‘Haywire,’ though brutal, captivates


Album and film covers used under fair use exception to copyright laws.

Kira Lubahn

Album and film covers used under fair use exception to copyright laws.
Haywire starts with a cold open, panning from unfocused snowy trees to reveal a half-frozen Mallory Kane (Gina Carano from Blood and Bone). The camera follows Mallory into a diner, where she only has minutes to rest before a former associate, Aaron (Channing Tatum from Dear John), tries to convince her to get into his car. When this doesn’t seem to be working, Aaron throws coffee into Mallory’s face and the first fight of the film begins.
The fight scenes are easily the best part of the movie.
In real life Carano is a retired mixed martial arts fighter, and that shows during the fights. She is strong, capable and completely believable as she grapples with Tatum, Michael Fassbender (Shame, X-Men: First Class), Ewan McGregor (Beginners, The Men Who Stare at Goats), a SWAT team and various henchmen. The choreography of the fights is mesmerizing, all the more so in that they look incredibly natural. All of the fighting comes with high stakes, namely Mallory’s life, and none of it is done to be gratuitous.
Often if a woman is present in an action film, her body will constantly be on display and any altercations result with her clothes getting ripped off at various camera angles. There is no such “sexy cat fight” in Haywire; Mallory is a serious black ops soldier and is as brutal as she is dangerous. She is definitely not there solely to be eye candy.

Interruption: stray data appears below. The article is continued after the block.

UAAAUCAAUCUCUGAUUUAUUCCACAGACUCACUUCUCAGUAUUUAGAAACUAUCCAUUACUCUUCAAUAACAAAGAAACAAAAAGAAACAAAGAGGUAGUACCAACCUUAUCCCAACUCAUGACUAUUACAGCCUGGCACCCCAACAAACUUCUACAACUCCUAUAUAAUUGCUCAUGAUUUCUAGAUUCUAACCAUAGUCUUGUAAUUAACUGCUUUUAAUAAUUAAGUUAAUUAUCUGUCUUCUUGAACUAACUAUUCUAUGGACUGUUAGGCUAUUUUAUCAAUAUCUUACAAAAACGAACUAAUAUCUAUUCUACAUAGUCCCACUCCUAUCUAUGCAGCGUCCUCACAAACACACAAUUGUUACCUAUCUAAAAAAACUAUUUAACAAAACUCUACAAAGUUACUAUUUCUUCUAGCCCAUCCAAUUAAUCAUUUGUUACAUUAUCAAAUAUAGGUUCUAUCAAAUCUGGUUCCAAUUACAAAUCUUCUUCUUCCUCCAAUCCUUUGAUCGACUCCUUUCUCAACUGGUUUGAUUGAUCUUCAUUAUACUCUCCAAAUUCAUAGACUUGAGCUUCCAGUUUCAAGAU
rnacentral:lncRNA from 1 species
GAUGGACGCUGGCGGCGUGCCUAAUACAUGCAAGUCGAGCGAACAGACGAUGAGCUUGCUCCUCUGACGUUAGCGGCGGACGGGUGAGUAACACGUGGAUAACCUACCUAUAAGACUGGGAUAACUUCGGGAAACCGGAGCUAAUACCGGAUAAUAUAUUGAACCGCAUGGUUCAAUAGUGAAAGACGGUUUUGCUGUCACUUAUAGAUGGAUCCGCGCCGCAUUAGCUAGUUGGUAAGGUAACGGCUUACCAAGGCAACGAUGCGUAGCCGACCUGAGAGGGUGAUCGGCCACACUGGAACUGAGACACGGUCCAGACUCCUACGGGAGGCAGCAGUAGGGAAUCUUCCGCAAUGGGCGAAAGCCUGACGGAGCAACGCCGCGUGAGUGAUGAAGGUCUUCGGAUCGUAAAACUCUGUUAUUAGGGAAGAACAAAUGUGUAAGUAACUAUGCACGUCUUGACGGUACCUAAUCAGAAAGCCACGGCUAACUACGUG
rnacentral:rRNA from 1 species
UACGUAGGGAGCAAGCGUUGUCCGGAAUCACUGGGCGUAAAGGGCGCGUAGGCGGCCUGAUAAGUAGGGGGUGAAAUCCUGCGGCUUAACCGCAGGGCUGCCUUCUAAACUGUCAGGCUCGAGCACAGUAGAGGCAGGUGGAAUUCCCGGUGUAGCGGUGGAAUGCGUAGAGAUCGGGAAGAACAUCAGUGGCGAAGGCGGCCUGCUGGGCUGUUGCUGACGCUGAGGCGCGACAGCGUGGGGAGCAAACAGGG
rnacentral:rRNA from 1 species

While the film revolves around Carano, it wouldn’t be nearly as enjoyable without the contributions of the other actors. Fassbender is suave and believable as Paul, a British agent with whom Mallory comes into contact. Playing Kenneth, the owner of a private firm that completes covert operations for the government, McGregor brings to life a scheming and calculating character. It is fascinating to watch Kenneth gradually lose control of the situation, increasingly adding nervous tension to the film. With a grandfatherly beard for most of the film, Antonio Banderas (Puss in Boots, The Skin I Live In) plays Rodrigo, who is likely the most deceptive character of the bunch. Banderas sells the performance, surprising the audience when Rodrigo’s true intentions are uncovered.
In contrast to other action films, Haywire asks the audience to remember important details as it weaves the motives of several characters together. The film alternates between flashbacks and the present as Mallory tells her story to Scott (Michael Angarano from Red State) who she took with her as she escaped from the diner. Over time, it is revealed who set her up and why, though if you blink you might miss the subtle nuances of the plot.
Overall the cinematography is clean, utilizing interesting angles and different levels of focus to create a visually stimulating piece. Scenes taking place in Dublin, Ireland and Los Alamos, New Mexico were filmed on location, easily creating a vivid setting for Carano to interact with. The music composed by David Holmes adds intrigue and heightens intensity. At times, it brings to mind the classic spy movie, giving Haywire an almost James Bond feel.
Carano is a dangerous delight, easily maintaining my interest for the film’s total 93 minutes. Coupled with masterful cinematography and a fitting soundtrack, Haywire is a captivating new action/thriller.